Chad Saucier’s company, Saucier’s Lawn Care Inc., offers full-service landscape installation and maintenance to more than 250 homeowners in The Villages, a master-planned retirement community in central Florida. As the population of retirees continues to grow, new retirement home developments are going up, and the professional appearance of Saucier’s work continues to bring in new accounts.
Need for compact mowers. Homes in The Villages are typically single-story houses. Lots usually run around 5,500-6,500 square feet. With the moderate Florida climate, most homes have sizable flower beds and plantings, making lawn areas irregular in shape and often “chopped up” into smaller areas. “That’s why we use more compact mowers and equipment,” Saucier says. “All our mower decks are just 42-inch cutting width, so we can get through narrow gates and spaces between houses and around their yards.”
Saucier says homeowners also are getting more particular about the types of equipment used on their lawns. “More and more, they are saying they don’t want big, heavy zero-turn mowers leaving tracks in their lawn,” he says. “Some even want contractors to use push mowers on their lawns.” Most lawns are still St. Augustine grass in central Florida, but increasingly home buyers are requesting some of the newer zoysia grass varieties.
Saucier has also determined that smaller, compact mowers are more suitable for the “ins and outs and around” of homes and neighborhoods. In The Villages, for example, lawn care workers not only contend with regular streets and sidewalks, but also must watch for special cart paths throughout the communities. Many retirees use golf carts for their daily transportation needs. Mowing in these neighborhoods takes equipment with good maneuverability and precise operator control, as well as good “look ahead” visibility to mow around the beds, trees and tight-landscaped areas of yards.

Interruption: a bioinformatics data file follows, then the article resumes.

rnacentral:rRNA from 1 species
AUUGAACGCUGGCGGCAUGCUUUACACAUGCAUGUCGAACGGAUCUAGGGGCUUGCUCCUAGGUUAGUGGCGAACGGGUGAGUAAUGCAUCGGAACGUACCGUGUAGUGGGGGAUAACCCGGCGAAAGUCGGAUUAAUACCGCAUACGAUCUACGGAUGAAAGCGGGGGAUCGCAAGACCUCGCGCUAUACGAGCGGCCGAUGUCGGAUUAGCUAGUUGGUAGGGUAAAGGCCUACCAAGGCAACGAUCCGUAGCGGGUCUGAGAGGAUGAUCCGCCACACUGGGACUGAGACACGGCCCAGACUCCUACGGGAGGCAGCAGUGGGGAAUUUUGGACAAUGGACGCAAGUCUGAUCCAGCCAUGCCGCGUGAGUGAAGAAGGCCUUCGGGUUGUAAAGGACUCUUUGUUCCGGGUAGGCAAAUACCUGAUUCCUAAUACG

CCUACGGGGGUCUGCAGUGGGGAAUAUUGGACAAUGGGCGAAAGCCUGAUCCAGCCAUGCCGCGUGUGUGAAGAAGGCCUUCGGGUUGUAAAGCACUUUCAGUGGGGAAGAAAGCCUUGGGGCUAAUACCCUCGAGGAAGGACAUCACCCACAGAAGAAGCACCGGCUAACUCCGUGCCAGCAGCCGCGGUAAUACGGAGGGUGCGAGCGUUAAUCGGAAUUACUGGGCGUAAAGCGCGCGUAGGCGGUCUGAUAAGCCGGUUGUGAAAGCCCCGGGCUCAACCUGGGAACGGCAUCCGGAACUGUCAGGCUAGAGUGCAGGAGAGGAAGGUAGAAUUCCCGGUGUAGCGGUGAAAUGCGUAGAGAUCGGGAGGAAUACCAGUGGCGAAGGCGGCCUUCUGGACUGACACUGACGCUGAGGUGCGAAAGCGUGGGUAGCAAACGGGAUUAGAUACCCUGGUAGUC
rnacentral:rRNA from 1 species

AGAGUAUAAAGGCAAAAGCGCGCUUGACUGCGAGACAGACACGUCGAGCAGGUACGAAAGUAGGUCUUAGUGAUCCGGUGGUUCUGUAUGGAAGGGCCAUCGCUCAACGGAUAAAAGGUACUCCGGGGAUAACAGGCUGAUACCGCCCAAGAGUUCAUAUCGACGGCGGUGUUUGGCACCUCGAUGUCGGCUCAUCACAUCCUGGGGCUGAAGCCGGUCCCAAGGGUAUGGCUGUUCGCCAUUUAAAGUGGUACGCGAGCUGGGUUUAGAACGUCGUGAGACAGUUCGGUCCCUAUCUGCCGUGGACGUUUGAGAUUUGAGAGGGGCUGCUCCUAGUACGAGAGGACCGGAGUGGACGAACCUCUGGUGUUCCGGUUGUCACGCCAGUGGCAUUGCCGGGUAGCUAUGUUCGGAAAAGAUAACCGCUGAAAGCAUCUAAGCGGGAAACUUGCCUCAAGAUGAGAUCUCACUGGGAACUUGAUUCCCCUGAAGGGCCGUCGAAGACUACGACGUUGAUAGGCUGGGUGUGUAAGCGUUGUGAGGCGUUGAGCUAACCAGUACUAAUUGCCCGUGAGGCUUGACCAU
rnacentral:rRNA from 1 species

After evaluating several models, Saucier selected compact riding mowers made by Walker Manufacturing. “They seemed to be the best fit for efficient cutting in the residential areas of the retirement communities,” says Saucier.
“We’ve made some equipment changes,” he adds. “We upgrade when it will benefit our operation and enhance our customers’ yards. But we’ve always used mulching decks on our mowers, because of the problem of getting rid of clippings, and university recommendations for leaving clippings on the lawn. Our goal is to continuously look for more efficiency and better performance from all our equipment.” Saucier’s Lawn Care purchased two new MBK Walker mowers with EFI engines and 42-inch mulching decks just this past season.
Scheduling down to a science. “We work on a tight weekly schedule to get all our lawns serviced in a timely and professional manner,” Saucier points out. During the summer, he and his crews schedule mowing 12 hours a day on Mondays and Tuesdays. Wednesday is for finishing up left-over mowing jobs, plus taking care of weekly equipment maintenance chores. Thursday, Friday and Saturday are “multi-task” days to take care of trimming, sprinkler maintenance, weed control, etc.
“Our goal on Monday and Tuesday is to cut at least 120 yards each day, and we can do as many as 130 when conditions are right. Those are long days, but our customers get used to seeing us early in the week, and they appreciate the manicured look of their grass when we’re finished.” In fact, Saucier says more than three-fourths of his customers look to him as their “property manager,” telling him to do whatever he thinks needs to be done for their lawns and yards.